Hi @JPG, thanks for your comment! It's hard for me to recommend anything without knowing your specific situation but I think the main thing is to think about mathematics in your own way, in addition to what you are learning. Of course, there are many ways of doing this and what I suggested is just one way. It's worth trying various approaches and then deciding which ones work for you.
Jun
27
comment How to study math to really understand it and have a healthy lifestyle with free time?
Hi @Pacerier, I wrote them in several notebooks by hand, and they are probably somewhere in my house. Perhaps I will try to find them now that you mention it!
Jun
22
comment How to study math to really understand it and have a healthy lifestyle with free time?
Hi @Pacerier, thanks for your comment. I've never actually gone back and re-read my notes (though I would be curious to do so at some point, even if only to see what I was thinking the first time I was learning the subject). If I do review a subject, then for the reason you mention, I would go back and re-read the relevant parts of the book (which would probably be better exposition then my rough notes, anyway). Nowadays, I don't adopt this learning style; it takes too much time and doesn't necessarily help me to remember/understand the subject better!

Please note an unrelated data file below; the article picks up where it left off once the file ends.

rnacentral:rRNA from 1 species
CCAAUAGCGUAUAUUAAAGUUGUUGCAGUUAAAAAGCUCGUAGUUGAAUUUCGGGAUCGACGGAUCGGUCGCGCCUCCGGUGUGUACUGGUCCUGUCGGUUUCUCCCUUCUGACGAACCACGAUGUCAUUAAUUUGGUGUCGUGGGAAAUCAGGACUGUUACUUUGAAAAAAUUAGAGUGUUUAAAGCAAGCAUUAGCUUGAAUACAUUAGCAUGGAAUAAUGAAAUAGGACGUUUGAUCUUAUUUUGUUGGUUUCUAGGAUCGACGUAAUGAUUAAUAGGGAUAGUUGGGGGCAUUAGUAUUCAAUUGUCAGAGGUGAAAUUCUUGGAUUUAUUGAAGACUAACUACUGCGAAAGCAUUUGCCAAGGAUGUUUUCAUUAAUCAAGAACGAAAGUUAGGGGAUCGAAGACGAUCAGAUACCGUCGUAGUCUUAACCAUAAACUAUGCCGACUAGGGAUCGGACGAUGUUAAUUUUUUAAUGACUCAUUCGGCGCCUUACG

Jun
18
comment Show that there is no analytic bijection from the unit disc to $\mathbb{C}$
Hi @Aloysius, if I understand your question correctly: "set-theoretically", the map admits an inverse because it is bijective. Now, we know that locally this inverse map is holomorphic, so it must therefore be (globally) holomorphic.
Jun
18
comment Show that there is no analytic bijection from the unit disc to $\mathbb{C}$
I guess most complex analysis textbooks should contain this fact. However, here is a proof sketch ($\phi$ is holomorphic near $0$ and WLOG $\phi(0)=0$): if $\phi'(0)\neq 0$, then $\phi$ admits an analytic inverse near $0$; otherwise, $\phi$ has a zero of order $n>1$ at $0$ and $\phi(z)=z^n\psi(z)$ for some $\psi$ which does not vanish near $0$. Locally, $\psi$ thus has an $n$th root (say, $\eta$) so we can write $\phi(z)=(z\eta(z))^n$ which is clearly not injective (it is $n$-to-$1$). I've possibly used something non-trivial in this proof, so let me know if I should elaborate.
Jun
18
comment Show that there is no analytic bijection from the unit disc to $\mathbb{C}$
Hi @Aloysius, it's a special property of holomorphic functions that a bijective holomorphic function admits a holomorphic inverse (an analogous statement is not true for real analytic functions as $f(x)=x^3$ shows). The key fact needed is that an injective holomorphic function must have non-vanishing derivative. Are you aware of this?
Jun
13
comment About the topology textbook.
I second the suggestion of @alkabary of using Munkres (this was the book that furnished my first introduction to topology).